When I saw that The Last Airbender was getting terrible reviews before it was even out of the gate, I got worried. As a big fan of the cartoon and also a die-hard fan of M. Night Shyamalan, I’d almost been certain that this movie would be epic. There was so much story to play with, so many different settings and characters to showcase. And then the critics started doing what they do best: criticizing.
One of the biggest issues that everyone seemed to have was the cast. Almost all of the principal actors were white, when in the cartoon you’d be hard pressed to find a white character. Even if you were going purely off aesthetics, you can’t ignore the names and those alone should have been enough to clue anyone in. None of these characters was meant to be white. Yet in this movie, almost all of them were. In fact, the cast was almost even whiter when the role of Prince Zuko was given to Jesse McCartney. Thankfully, Slumdog Millionaire‘s Dev Patel ended up with the part.
So let’s begin with the thing that really bugged me and kept me distracted too many times throughout the entire film – the pronunciation of some of the names. Now, if you’re going to make a movie out of a cartoon that thousands of people are familiar with and love, you really need to make sure you get the names right. Especially the name of the main character. Aang was pronounced Ahhng. Avatar was pronounced Ahhvatar. Not right. There were a few others as well that gave me pause and took me out of the story quite a few times. To someone not familiar with the cartoon it would be no big deal. To someone who is, it’s downright irritating.
Another thing that bothered me because of my familiarity with the cartoon was the script. For the most part, the story was very canon and consistent with what I knew. But, knowing the whole story made the script and dialogue feel rushed. It was as if they made sure to hit key plot points and then moved on to the next without much explanation in between. It felt a little bit like I was on a jerky roller coaster; overall it was a great ride but there were definite areas that needed smoothing out.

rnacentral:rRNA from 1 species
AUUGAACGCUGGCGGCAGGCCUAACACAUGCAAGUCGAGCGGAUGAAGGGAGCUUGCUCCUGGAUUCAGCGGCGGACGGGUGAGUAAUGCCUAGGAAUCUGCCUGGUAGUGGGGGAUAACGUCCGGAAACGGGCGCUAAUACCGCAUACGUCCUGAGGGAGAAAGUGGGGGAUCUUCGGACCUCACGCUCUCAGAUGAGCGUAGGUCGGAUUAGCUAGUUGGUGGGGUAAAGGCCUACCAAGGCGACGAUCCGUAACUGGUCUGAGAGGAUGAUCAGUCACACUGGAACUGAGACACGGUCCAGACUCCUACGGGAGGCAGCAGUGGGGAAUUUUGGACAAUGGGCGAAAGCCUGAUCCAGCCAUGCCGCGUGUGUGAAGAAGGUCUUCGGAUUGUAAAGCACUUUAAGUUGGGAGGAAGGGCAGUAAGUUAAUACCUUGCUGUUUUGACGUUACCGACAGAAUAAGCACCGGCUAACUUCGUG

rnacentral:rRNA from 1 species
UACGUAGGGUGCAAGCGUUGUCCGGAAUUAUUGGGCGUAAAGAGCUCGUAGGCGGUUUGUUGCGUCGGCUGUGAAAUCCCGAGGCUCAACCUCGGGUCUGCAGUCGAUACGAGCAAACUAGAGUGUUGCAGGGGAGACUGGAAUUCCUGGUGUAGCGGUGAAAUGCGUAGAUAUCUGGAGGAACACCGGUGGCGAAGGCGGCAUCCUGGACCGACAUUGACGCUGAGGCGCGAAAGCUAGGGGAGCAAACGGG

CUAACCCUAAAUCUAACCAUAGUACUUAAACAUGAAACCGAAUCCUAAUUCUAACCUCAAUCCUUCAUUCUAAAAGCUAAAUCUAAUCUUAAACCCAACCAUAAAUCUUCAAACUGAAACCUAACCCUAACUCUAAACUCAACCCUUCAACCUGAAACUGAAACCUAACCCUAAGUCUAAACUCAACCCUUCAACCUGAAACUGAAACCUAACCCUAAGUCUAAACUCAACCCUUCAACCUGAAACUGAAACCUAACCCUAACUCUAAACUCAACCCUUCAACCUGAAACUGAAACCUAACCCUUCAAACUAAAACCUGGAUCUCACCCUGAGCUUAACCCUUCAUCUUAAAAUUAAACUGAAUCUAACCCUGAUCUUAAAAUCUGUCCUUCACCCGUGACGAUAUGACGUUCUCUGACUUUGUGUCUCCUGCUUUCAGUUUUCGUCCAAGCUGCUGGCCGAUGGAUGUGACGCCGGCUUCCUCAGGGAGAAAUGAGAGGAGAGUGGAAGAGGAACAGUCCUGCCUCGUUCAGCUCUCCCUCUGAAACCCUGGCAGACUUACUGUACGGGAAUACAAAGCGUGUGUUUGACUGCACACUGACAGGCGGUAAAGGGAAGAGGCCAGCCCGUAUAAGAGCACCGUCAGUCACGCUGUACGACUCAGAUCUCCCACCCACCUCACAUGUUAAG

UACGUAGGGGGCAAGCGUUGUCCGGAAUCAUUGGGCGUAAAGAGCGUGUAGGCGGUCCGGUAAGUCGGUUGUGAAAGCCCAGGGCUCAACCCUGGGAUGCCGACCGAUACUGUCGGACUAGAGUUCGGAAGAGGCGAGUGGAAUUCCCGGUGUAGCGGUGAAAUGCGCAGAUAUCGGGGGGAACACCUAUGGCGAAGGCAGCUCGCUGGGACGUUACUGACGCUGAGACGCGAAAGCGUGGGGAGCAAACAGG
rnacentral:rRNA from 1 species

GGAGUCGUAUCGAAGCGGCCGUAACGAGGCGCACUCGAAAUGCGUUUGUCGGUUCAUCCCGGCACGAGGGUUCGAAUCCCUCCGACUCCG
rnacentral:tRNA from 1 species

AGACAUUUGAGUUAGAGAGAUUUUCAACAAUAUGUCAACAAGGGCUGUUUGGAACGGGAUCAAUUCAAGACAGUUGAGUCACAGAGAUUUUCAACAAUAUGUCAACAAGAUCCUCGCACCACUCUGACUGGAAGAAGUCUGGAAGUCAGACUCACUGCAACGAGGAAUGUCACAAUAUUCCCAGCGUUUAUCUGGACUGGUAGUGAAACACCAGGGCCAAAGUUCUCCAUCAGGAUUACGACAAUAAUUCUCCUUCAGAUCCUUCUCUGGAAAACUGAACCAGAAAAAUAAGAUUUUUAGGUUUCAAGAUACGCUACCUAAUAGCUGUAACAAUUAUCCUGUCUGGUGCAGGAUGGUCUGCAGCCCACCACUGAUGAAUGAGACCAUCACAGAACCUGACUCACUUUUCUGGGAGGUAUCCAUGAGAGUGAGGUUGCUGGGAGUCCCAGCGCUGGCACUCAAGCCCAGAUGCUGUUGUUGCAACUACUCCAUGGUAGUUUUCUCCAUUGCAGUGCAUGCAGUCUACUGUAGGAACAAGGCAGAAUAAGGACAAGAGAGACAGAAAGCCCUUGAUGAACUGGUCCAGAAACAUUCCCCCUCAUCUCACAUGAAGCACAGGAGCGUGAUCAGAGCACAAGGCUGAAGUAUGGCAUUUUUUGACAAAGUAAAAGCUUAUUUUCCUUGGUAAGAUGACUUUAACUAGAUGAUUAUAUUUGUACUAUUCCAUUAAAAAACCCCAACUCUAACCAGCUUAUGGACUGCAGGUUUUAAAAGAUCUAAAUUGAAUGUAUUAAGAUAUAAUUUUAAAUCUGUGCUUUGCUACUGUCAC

As far as the bending went, I felt a little cheated. All the elements except for Air seemed tame. So much more could have been done with these effects, especially Earth. Fire had its moments of real power, but oftentimes felt like it was something done as an afterthought. The only bending done that was something of a marvel was Air, and not because it was so spectacular, but because it had the best visual effects out of the four elements.
Now for the good. There’s a lot more that you would expect, especially if you’ve read Roger Ebert’s review.
The photography was absolutely amazing. I want to go to the Northern Air Temple and the Northern Water Tribe. They were gorgeous, believable, and exotic.
Another thing that captured my attention was the score. Very rarely do I watch a movie and think, several times throughout, “I need this soundtrack.” It swelled in all the right places and was soft when the moment called for it. Each piece of music was appropriately placed and emotive.
Here is where I will likely have many disagreeing with me. I liked the cast. Granted, Dante Basko, who did the voice of Prince Zuko for the cartoon, would have been the perfect cast for the role if he were a tad younger. However, Dev did an excellent job. His role of the sympathetic villain was played well, and I look forward to seeing him and Zuko growing in the next two movies. Because I am holding out hope for the next two books to be made into movies.
Uncle Iroh and Katara were well filled roles, though Jackson Rathbone left much to be desired for a clumsy, sarcastic Sokka. The Avatar himself, Noah Ringer, was a perfect choice. His voice was a little deeper than I was expecting but that aside, I don’t know that anyone could have played the part much better.
All in all, I really enjoyed the movie. A 7.5 out of a possible 10. I’m certain many will disagree with me, but I also know many will not.
One thing about the movie is still bugging me, however. Isn’t M. Night famous for putting himself into his movies, even if only very briefly? I didn’t see him.
Guess that means I’ll just have to watch it again.